Potatoes are hugely versatile vegetable and a staple ingredient in many meals. Potatoes are classified as being either earlies or maincrops. Early potatoes are ready to harvest much sooner than maincrops and usually called 'new potatoes'. Maincrop potatoes are in the ground a lot longer, they have a better yield and produce bigger potatoes or tubers.
EASE OF GROWING (Scale 1-5): 2
HOW TIME CONSUMING:
Potatoes do require a bit of work, seed potatoes usually require 'chitting' before planting out and the plants do need to be earthed up fairly regularly to prevent the tubers turning green.
Picasso AGM: A heavy-cropping maincrop potato with creamy skin and pink eyes, good disease resistance.
Desiree: A firm favourite with rosy skin and pale yellow flesh - a very versatile maincrop potato.
Charlotte AGM: A popular salad potato with yellow-skinned waxy tubers - treat as an early potato.
Accent AGM: A first early potato with creamy waxy flesh and good scab resistance - a tasty new potato.
HOME GROWN VS SUPERMARKET:
Although most potato varieties are cheap and readily available in supermarkets, they don't have the flavour of fresh home grown potatoes - the first new potatoes are a real treat every year!
BEST SITES AND SOILS:
Potatoes can be grown in pots and potato bags are also popular, but when growing in open ground choose an open position, in full sun on fertile and well drained soil. It is best to avoid areas where potatoes have been grown for two years in succession to reduce the risk of disease. It is best to have a slightly acidic soil, but potatoes will tolerate a wide range of soils. In alkaline conditions, applying sulphur to the top of the potato ridge after planting.
WHEN TO SOW:
It is a key with earlies and also a good idea with maincrop to chit the seed potatoes prior to planting - bascially this just means to let them start sprouting shoots. The seed potatoes can be stood up in egg boxes or similar, with the end with the most small dents in the skin or 'eyes' facing upwards. Store in a light, frost-free place until the shoots are about 3cm (1 inch long). They are then ready to be planted.
First earlies: around late March
Second earlies: early to mid-April
Maincrops: mid to late April
This can vary slightly depending on the location in the country and planting is earlier if in containers.
PLANTING AND GROWING:
The traditional way to plant the seed potatoes is to dig a narrow trench aound 12cm (5in) deep. Lining the trench with compost or grass clippings can help get a bigger crop. Space the seed potatoes 30cm (1ft) apart for earlies in rows 60cm (2ft) apart and for maincrop varieties place the tubers 37cm (15in) apart in rows 75cm (30in) apart. The early shoots are susceptible to frost damage, so try to plant in a sunny spot and avoid frost pockets.
When the stems are around 23cm (9in) high, the plants need to be earthed up, carefully drawing soil up to the stems and covering to produce a flat-topped ridge about 15cm (6in) high. This can be little and often or in one go. This is done to protect the early foliage from frost damage and protect new potatoes from turning green due to sunlight which makes the tubers poisonous.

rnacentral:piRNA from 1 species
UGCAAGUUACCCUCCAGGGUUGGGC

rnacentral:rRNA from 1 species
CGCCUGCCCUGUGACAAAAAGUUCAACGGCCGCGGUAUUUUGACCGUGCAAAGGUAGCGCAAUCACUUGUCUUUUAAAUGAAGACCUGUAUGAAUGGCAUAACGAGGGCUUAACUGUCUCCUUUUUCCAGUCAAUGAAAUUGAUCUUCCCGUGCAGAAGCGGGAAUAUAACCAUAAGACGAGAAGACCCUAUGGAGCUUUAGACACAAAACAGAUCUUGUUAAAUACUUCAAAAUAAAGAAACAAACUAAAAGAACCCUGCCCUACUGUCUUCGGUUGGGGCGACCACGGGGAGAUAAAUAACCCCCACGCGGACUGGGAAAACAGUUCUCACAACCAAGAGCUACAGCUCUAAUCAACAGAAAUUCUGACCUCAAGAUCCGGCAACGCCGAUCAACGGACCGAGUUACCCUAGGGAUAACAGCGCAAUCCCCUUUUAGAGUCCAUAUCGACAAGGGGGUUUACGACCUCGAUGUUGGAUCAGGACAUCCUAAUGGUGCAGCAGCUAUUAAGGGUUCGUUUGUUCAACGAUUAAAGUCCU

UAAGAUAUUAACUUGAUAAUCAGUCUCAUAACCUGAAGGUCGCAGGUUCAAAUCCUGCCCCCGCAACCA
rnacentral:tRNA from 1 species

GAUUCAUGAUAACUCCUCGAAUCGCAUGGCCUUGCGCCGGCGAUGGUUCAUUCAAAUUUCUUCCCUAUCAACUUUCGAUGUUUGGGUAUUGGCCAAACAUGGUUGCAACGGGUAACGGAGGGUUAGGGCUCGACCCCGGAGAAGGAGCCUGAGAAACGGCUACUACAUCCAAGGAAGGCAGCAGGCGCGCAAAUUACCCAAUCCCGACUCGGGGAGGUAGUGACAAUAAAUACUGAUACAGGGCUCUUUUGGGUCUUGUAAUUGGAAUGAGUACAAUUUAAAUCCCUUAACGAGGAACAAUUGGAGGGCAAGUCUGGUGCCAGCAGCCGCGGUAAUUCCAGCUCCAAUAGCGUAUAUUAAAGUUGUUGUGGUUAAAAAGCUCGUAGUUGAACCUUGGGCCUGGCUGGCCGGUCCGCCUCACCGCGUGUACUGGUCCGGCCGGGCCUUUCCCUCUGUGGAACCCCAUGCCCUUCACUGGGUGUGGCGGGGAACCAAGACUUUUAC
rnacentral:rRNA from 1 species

It is important to keep the crops well watered in dry weather, especially when the tubers have started to form. It can also be beneficial to add a liquid feed of a balanced, general fertiliser every fortnight to help increase yields.
WHEN TO HARVEST:
First early potatoes should be ready to harvest in June and July, second earlies in July and August with maincrops from late August through October.
It is best to set the potatoes out in a dry, well ventilated position for a few hours, just to dry the skin. These can then be stored in hessian potao sacks in a dark, cool and frost free place. Don't stor potatoes in polythene bags as this causes the potatoes to sweat and can make them rot.
Symptoms: Very common in warm and wet summers, the initial symptoms are a rapidly spreading brown, watery rot which affects the leaf and stems. The potatoes can also be affected causing brown decay below the skin, which develops into a soft rot.
Remedy: When blight starts it is hard to stop. Blight-affected leaves can be removed, but this stops the plant growing as well. Earthing up the potatoes does give some protection to the tubers. A protective fungicide can be used even before signs of blight appear during June. If plants become infected they should be removed and destroyed to prevent spreading the disease.
Symptoms: Damage to the foliage and to developing tubers can be a sign of slugs, also their silvery trails are a giveaway that there is a slug problem.
Remedy: There are a lot of ways to kill and prevent slugs from home made beer traps to slug pellets. We rely on Nemaslug in our kitchen garden, an organic, safe and effective slug control solution which uses nematodes.
Symptoms: Potatoes have raised scab-like lesions on their surface. These can be easily removed by peeling and does not affect the taste of the potato.
Remedy: There is no cure, but it seems to occur more in dry conditions so be sure to keep the plants well watered. Don't store any potatoes that have scab.
Symptoms: Spread through contact and particularly prevalent in wet and poorly drained soils. A bacterial disease which causes blackening of the stems and causes the stems to rot and collapse. The leaves can also turn yellow or brown. When infected the tubers display brown slimy rot inside or can rot away completely.
Remedy: Blackleg generally infects single plants and does not spread or persist in the soil. Remove and destroy any infected plants, improve the soil drainage and try to use blackleg resistant varieties.